Philadelphia Unnamed Film Festival Movie Review: LUCIFERINA (2018)

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Serving up a story to be fairly gory and unpredictable, LUCIFERINA, having played during the Philadelphia Unnamed Film Festival last week, contains qualities of combating innocence with a dark and devious inner nature. Directed by Gonzalo Calzada, this new Argentinian mystery/horror film is sure to dish out bloody scenarios with an interesting story on the side.

On her way to visit her dying father, Natalia (Sofia Del Tuffo) returns home to find her sister with her delinquent friends squatting at their house. With their drug and alcohol use becoming unbearable, Natalia avoids them to spend time with her father, leading her to see strange and demonic creatures visiting her dreams in the night. Eventually being convinced by her sister and her friends, Natalia ventures with them deep into the jungle to experience the spirituality of the ceremonial plant ayahuasca, leading each of them down a rabbit hole of hallucinations and unraveling the deep seeded purpose of her family, and the devil himself.

Going into this film blindly, LUCIFERINA first feels itself moving in a particular direction, but eventually transforms into having several layers. The direction initiated seemed to predict a story about a girl born of the devil; a story solely of her progression of evil, but that ends up not being the case. This film focuses on the main character’s duality against herself, of her two sides, as she unknowingly portrays the devil incarnate with a soul of purity. This creates interesting paths for the plot to take, allowing for an ending with an unexpected character conflict. A plot like this pertaining to the premise of duality allows for juxtaposing elements to naturally flow through what’s depicted on screen - Natalia fights to uphold her virginal, religious lifestyle while housing inner dark secrets, along with the concept of drugs acting as a numbing agent to life’s harsh events, while also being the source of awakening and revealment in this situation.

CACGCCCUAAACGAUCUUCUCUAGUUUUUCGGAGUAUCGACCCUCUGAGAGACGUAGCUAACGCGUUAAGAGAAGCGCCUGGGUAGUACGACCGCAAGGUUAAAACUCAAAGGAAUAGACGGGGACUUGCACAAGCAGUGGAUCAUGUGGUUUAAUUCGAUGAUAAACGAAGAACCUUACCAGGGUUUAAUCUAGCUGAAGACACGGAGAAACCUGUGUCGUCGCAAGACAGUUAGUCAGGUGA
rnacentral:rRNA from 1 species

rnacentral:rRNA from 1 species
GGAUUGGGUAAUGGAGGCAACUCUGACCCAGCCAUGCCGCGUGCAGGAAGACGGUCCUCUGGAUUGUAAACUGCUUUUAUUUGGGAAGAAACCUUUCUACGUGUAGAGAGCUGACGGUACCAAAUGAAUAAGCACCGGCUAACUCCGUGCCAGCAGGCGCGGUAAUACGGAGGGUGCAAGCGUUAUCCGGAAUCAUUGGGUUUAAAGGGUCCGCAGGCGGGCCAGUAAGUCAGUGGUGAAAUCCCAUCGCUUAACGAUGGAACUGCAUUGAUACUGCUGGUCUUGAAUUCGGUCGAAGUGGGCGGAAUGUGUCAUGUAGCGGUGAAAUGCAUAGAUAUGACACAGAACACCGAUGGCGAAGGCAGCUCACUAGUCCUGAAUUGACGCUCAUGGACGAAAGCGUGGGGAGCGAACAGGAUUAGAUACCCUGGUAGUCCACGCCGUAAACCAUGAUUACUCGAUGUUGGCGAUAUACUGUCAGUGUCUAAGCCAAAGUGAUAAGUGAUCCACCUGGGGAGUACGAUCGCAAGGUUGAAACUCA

From satanic, spiritualized dreamscapes to amazonian shamans (along with a pretty unnerving sex scene with the devil), LUCIFERINA houses some tasty traditional gore effects and digital animated imagery to leave its genre audience satisfied, and a little uncomfortable. The story is a tad wild, but interesting enough to bring something new to the table, while containing elements that make independent horror so likable. With the haunting and beautiful cinematography portrayed here, it’s hard not to be transfixed by the art direction and overall concept that, all together, creates a devilishly fun and suspenseful film.

Abigail Braman